Jonathan Drori CBE is a Trustee of the Eden Project and was for nine years a trustee of the Royal Botanic Gardens, Kew and of The Woodland Trust. He is a Fellow of the Linnean Society and the Zoological Society of London and a former BBC documentary film-maker.
Once upon a time, I made BBC science TV programmes. Then one day, we received some humbling news. Audiences loved our programmes - Tomorrow's World and the like - but research showed they didn't learn much from them. That made us wonder whether there was a way to make programmes that people found delightfully entertaining but with ideas that would stick around for a while in people's heads. After much experimentation, we discovered the bleedin' obvious; that non-scientists, and even scientists when they're relaxing, found tricky concepts easier and much more fun when they were part of a narrative and when there were doorways into the scientific ideas from history, anthropology, folklore, etymology and art.
Scroll forward a few years and I found myself on the board of the Royal Botanic Gardens, Kew - a science organisation with an urgent need to communicate the function and wonder of botanical research to lay audiences. I remembered the joy of plants that my parents had instilled in me as a child, when they took me every week to Kew. They fed my brother and me a tiny piece of Dieffenbachia ('dumb-canes') - that was a painful introduction to the horrors of the slave-trade; a lick of latex from an opium poppy was a joyful experience, mostly because of the reaction of friends' parents rather than any special effect on me.
Various travels and expeditions made me increasingly interested in trees. I came to realise that the way that individual societies, and indeed humanity as a whole, treats trees is a bell-weather for the health of our planet. Trees have long life cycles, so they suffer from our short-termism. They benefit when our societies have the stability, capacity and wisdom to think far, far ahead. Trees, which can't up-sticks when it gets too hot, or wet, or dry, or when insects or animals try to eat them, have developed all sorts of coping mechanisms and defences. But they also depend on those critters for pollination and seed dispersal so if anything affects those, the trees could be in trouble. And they're in trouble enough already from the competition (usually with humans) for space.
So the big themes, of climate change and the pressures in brings in myriad ways, of international trade and the transfer of pests and pathogens, the conflicting needs of people, and the way that trees themselves can be invasive species, are all ones that I have tackled. (The pillage of trees was addressed in the first known written story - the Epic of Gilgamesh)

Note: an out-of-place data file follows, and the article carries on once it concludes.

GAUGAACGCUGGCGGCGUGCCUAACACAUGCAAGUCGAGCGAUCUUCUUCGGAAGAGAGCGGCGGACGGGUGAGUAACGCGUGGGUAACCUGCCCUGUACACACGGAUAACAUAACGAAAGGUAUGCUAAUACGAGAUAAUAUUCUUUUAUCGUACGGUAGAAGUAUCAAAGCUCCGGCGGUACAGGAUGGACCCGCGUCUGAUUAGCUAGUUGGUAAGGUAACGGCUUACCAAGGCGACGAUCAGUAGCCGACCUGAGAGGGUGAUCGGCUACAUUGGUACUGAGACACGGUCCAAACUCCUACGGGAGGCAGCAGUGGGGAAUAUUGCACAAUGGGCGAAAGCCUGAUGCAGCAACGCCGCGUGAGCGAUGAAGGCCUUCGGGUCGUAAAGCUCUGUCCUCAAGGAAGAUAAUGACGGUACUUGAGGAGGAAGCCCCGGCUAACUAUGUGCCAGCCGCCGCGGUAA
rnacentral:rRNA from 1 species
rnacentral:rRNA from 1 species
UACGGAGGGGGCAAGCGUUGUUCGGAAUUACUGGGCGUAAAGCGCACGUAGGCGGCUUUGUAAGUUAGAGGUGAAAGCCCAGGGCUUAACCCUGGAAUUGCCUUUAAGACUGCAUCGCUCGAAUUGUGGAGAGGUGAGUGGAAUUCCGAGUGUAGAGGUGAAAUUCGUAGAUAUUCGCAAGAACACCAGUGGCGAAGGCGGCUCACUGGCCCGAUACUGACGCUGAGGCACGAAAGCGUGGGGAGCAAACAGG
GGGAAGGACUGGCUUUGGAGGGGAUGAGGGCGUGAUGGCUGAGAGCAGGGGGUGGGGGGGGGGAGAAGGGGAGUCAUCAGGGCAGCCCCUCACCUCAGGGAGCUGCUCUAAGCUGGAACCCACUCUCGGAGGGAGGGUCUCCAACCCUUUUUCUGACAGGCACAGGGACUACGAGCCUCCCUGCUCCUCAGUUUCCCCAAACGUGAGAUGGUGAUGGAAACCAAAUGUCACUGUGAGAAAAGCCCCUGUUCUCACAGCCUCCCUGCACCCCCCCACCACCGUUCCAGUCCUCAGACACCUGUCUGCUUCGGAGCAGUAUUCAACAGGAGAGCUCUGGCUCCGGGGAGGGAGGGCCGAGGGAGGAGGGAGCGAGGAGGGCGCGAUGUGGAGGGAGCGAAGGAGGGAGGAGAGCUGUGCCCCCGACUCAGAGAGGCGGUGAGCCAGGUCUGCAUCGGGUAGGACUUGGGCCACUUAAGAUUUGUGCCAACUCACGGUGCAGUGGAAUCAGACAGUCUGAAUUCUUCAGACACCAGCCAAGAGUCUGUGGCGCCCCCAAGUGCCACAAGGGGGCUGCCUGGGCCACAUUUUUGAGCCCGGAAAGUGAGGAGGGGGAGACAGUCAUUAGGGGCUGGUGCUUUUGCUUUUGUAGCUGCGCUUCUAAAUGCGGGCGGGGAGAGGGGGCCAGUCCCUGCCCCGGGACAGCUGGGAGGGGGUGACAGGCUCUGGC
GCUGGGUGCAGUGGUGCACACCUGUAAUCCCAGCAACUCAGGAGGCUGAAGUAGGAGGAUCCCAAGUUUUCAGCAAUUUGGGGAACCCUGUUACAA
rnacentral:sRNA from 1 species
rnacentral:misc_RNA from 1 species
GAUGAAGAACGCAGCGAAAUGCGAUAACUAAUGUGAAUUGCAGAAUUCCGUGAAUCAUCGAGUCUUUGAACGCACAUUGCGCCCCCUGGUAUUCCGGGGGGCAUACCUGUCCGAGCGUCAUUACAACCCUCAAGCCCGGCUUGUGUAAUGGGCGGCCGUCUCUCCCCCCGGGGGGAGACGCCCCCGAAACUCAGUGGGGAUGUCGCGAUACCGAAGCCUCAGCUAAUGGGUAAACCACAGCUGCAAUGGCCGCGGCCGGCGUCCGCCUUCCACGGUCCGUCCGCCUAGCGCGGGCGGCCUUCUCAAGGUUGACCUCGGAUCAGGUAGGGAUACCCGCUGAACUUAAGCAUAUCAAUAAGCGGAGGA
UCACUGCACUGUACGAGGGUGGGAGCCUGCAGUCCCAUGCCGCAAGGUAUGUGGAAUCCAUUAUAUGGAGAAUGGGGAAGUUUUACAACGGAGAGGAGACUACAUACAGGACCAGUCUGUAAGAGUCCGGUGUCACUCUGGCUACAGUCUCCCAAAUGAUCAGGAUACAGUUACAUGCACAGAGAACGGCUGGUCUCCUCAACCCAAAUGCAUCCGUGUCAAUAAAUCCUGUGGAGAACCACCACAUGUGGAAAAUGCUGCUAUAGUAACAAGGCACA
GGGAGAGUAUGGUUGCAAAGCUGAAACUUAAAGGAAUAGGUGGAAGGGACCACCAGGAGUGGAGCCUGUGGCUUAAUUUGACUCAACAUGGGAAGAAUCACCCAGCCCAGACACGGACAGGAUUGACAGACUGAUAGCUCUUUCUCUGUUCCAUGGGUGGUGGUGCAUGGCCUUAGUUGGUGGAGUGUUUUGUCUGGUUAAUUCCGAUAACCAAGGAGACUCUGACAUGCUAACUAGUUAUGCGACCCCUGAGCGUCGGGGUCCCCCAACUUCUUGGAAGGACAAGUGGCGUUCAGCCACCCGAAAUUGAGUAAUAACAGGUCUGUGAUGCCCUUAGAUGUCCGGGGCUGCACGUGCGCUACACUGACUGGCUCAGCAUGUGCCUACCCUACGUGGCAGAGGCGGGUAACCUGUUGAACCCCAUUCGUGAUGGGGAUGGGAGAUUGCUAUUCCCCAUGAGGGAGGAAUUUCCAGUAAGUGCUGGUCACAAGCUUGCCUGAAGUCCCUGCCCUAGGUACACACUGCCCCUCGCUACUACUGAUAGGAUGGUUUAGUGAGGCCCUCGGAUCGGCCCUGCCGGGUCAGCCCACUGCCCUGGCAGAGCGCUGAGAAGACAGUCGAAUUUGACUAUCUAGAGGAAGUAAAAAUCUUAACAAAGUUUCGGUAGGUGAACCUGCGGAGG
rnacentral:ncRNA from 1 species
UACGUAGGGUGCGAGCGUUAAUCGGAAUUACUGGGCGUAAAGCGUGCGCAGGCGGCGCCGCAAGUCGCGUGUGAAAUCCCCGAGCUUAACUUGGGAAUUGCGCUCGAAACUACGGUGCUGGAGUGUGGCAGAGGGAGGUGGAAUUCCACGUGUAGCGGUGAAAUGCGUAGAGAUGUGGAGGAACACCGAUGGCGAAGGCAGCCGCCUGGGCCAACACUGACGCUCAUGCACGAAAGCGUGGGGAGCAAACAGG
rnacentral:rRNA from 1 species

But to deal with these themes head on might feel like a lecture. So, I've tried to weave these concepts into eighty biographies of tree species from around the globe - plant science interwoven with history and the arts and human stories from as many disciplines and cultures that I could muster. In Around the World in 80 Trees, I've tried to show how trees play a role in every part of human life, from the romantic to the regrettable. Stops on the trip include the lime trees of Berlin's Unter den Linden boulevard, which intoxicate amorous Germans and hungry bees alike, the swankiest streets in nineteenth-century London, which were paved with Australian jarrah wood, and the redwood forests of California, where the secret to the trees' soaring heights can be found in the properties of the tiniest drops of water.
There are self-mummifying monks, tree-climbing goats and ever-so-slightly radioactive nuts. There are stories of metal-hoarding trees in the south Pacific and shamanistic rites of northern Finland. Social lubricants of west Africa and the south-eastern United States contain caffeine, around which rituals have formed that are every bit as elaborate as the tea and coffee ceremonies with which we are familiar. Then there's the sheer wackiness of what trees and the people who surround them, get up to. The sect of monks in Japan, who up until the 19th century drank urushi tea made from the bark of the lacquer tree and became both emaciated and weirdly plasticised. When these living mummies died, they were often too poisonous for decomposition to occur, which was seen as auspicious.
Around the World in 80 Trees is a gorgeous thing - the illustrator Lucille Clerc
and the designers at Laurence King Publishing
have created a tactile delight. But this isn't designed to be a coffee-table ornament. This is a set of illustrated biographies. I do hope you enjoy them!
(I am donating proceeds from the UK sales to UK environmental and research charities.)
Click here to order